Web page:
27 Apr 2019

China's Xi vows transparency over Belt and Road amid debt worries

4:03 pm on 27 April 2019

Chinese President Xi Jinping is promising to set high standards for Beijing's sweeping infrastructure-building initiative amid concerns it leaves some developing countries with too much debt.

From left, Chinese President Xi Jinping, Egypt's President Abdel-Fattah El-Sisi and Russian President Vladimir Putin arrive for the opening ceremony of the second Belt and Road Forum for International Cooperation (BRF) in Beijing,

From left, China's President Xi Jinping, Egypt's President Abdel-Fattah El-Sisi and Russian President Vladimir Putin arrive for the opening ceremony of the second Belt and Road Forum in Beijing, Photo: AP

Mr Xi avoided mentioning debt in a speech at a Belt and Road forum in Beijing celebrating his signature foreign initiative. But he promised changes in response to complaints about costs and possible corruption and environmental damage.

Beijing wants "open, green and clean cooperation" with "zero tolerance for corruption", Mr Xi said.

Developing countries have welcomed the initiative, launched in 2013, to expand trade by building roads, ports and other facilities from Asia through Africa and the Middle East to Europe. But some governments are struggling to repay Chinese loans, fuelling complaints poor countries are being pushed into a "debt trap".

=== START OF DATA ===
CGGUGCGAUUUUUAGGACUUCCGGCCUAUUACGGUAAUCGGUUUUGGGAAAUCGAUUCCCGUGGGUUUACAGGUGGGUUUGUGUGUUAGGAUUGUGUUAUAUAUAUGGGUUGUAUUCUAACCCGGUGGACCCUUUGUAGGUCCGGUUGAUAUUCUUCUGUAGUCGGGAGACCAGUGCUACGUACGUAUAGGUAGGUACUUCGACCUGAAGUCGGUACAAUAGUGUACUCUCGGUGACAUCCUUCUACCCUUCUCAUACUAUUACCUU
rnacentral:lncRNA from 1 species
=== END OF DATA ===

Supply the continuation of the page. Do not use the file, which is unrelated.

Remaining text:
The United States, Japan, India and Russia also chafe at the expansion of Beijing's influence through building trade and political networks centred on China.

Despite that, Russian President Vladimir Putin on Friday praised the initiative, saying it dovetails with the goals of a Russian-promoted market with four of its neighbours, the Eurasian Economic Union.

Russian President Vladimir Putin, left, and Chinese President Xi Jinping, right, attend the meeting at Friendship Palace in Beijing Friday, April 26, 2019.

Russian President Vladimir Putin is an enthusiast for China's Belt and Road policy, being driven by President Xi Jinping. Photo: AP

Malaysian Prime Minister Mahathir Mohamad, who had suspended plans for a Chinese-built railway and other projects due to their cost, said he was "fully in support."

Prime Minister Imran Khan of Pakistan, one of China's closest allies, said Belt and Road has produced "substantial progress" in increasing power supplies and other areas.

United Nations secretary-general Antonio Guterres said Belt and Road projects could help turn the balance in mitigating climate change.

Xi's government is trying to revive the initiative's momentum after the number of new projects plunged last year. That came after Chinese officials said state-owned banks would step up scrutiny of borrowers and some governments complained projects do too little for their economies and might give Beijing too much political influence.

Other countries including Thailand and Nepal have cancelled or scaled back projects, while Ethiopia and others have renegotiated debt repayment.